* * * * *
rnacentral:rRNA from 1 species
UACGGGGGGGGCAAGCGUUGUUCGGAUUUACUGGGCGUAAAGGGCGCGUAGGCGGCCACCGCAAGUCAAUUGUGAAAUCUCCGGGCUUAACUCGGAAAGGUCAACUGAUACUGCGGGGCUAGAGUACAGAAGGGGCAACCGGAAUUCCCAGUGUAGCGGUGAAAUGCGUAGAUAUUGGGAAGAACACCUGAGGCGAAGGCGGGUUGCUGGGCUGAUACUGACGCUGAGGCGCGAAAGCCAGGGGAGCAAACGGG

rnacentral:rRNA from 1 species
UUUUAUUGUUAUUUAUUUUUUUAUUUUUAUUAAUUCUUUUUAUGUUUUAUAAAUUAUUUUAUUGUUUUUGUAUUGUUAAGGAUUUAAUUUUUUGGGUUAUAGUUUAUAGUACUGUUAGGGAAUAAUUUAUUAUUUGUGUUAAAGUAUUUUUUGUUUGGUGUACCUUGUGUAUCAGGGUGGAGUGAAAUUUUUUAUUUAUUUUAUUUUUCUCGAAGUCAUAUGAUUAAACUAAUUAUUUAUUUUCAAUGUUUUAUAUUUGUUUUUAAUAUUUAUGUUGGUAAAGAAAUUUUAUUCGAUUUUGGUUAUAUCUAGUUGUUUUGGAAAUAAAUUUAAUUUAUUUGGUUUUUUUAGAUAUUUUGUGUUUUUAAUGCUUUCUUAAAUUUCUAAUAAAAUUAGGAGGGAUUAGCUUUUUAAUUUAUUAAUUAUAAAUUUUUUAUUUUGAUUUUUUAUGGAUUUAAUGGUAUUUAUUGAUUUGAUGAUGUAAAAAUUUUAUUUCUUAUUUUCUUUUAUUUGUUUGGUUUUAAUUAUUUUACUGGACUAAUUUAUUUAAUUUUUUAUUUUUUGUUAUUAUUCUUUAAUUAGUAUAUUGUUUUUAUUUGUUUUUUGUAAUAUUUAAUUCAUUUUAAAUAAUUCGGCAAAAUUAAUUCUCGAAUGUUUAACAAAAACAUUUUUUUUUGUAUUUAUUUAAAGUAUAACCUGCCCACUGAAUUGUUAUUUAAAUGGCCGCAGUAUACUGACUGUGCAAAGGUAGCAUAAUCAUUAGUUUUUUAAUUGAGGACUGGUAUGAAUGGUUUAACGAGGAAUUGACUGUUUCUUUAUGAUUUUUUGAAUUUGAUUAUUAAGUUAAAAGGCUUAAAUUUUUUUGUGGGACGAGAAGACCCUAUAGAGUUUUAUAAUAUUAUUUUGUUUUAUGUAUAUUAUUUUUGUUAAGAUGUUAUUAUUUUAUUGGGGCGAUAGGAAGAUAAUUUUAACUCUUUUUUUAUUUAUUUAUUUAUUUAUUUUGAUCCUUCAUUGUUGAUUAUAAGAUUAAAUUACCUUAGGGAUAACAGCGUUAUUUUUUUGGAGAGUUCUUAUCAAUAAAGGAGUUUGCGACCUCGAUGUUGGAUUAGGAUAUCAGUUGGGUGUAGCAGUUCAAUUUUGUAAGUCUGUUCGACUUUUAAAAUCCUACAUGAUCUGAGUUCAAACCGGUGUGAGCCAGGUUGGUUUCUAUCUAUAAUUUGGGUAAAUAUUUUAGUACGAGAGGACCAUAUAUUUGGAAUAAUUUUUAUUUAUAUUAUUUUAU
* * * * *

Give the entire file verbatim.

rnacentral:rRNA from 1 species
UACGGGGGGGGCAAGCGUUGUUCGGAUUUACUGGGCGUAAAGGGCGCGUAGGCGGCCACCGCAAGUCAAUUGUGAAAUCUCCGGGCUUAACUCGGAAAGGUCAACUGAUACUGCGGGGCUAGAGUACAGAAGGGGCAACCGGAAUUCCCAGUGUAGCGGUGAAAUGCGUAGAUAUUGGGAAGAACACCUGAGGCGAAGGCGGGUUGCUGGGCUGAUACUGACGCUGAGGCGCGAAAGCCAGGGGAGCAAACGGG

rnacentral:rRNA from 1 species
UUUUAUUGUUAUUUAUUUUUUUAUUUUUAUUAAUUCUUUUUAUGUUUUAUAAAUUAUUUUAUUGUUUUUGUAUUGUUAAGGAUUUAAUUUUUUGGGUUAUAGUUUAUAGUACUGUUAGGGAAUAAUUUAUUAUUUGUGUUAAAGUAUUUUUUGUUUGGUGUACCUUGUGUAUCAGGGUGGAGUGAAAUUUUUUAUUUAUUUUAUUUUUCUCGAAGUCAUAUGAUUAAACUAAUUAUUUAUUUUCAAUGUUUUAUAUUUGUUUUUAAUAUUUAUGUUGGUAAAGAAAUUUUAUUCGAUUUUGGUUAUAUCUAGUUGUUUUGGAAAUAAAUUUAAUUUAUUUGGUUUUUUUAGAUAUUUUGUGUUUUUAAUGCUUUCUUAAAUUUCUAAUAAAAUUAGGAGGGAUUAGCUUUUUAAUUUAUUAAUUAUAAAUUUUUUAUUUUGAUUUUUUAUGGAUUUAAUGGUAUUUAUUGAUUUGAUGAUGUAAAAAUUUUAUUUCUUAUUUUCUUUUAUUUGUUUGGUUUUAAUUAUUUUACUGGACUAAUUUAUUUAAUUUUUUAUUUUUUGUUAUUAUUCUUUAAUUAGUAUAUUGUUUUUAUUUGUUUUUUGUAAUAUUUAAUUCAUUUUAAAUAAUUCGGCAAAAUUAAUUCUCGAAUGUUUAACAAAAACAUUUUUUUUUGUAUUUAUUUAAAGUAUAACCUGCCCACUGAAUUGUUAUUUAAAUGGCCGCAGUAUACUGACUGUGCAAAGGUAGCAUAAUCAUUAGUUUUUUAAUUGAGGACUGGUAUGAAUGGUUUAACGAGGAAUUGACUGUUUCUUUAUGAUUUUUUGAAUUUGAUUAUUAAGUUAAAAGGCUUAAAUUUUUUUGUGGGACGAGAAGACCCUAUAGAGUUUUAUAAUAUUAUUUUGUUUUAUGUAUAUUAUUUUUGUUAAGAUGUUAUUAUUUUAUUGGGGCGAUAGGAAGAUAAUUUUAACUCUUUUUUUAUUUAUUUAUUUAUUUAUUUUGAUCCUUCAUUGUUGAUUAUAAGAUUAAAUUACCUUAGGGAUAACAGCGUUAUUUUUUUGGAGAGUUCUUAUCAAUAAAGGAGUUUGCGACCUCGAUGUUGGAUUAGGAUAUCAGUUGGGUGUAGCAGUUCAAUUUUGUAAGUCUGUUCGACUUUUAAAAUCCUACAUGAUCUGAGUUCAAACCGGUGUGAGCCAGGUUGGUUUCUAUCUAUAAUUUGGGUAAAUAUUUUAGUACGAGAGGACCAUAUAUUUGGAAUAAUUUUUAUUUAUAUUAUUUUAU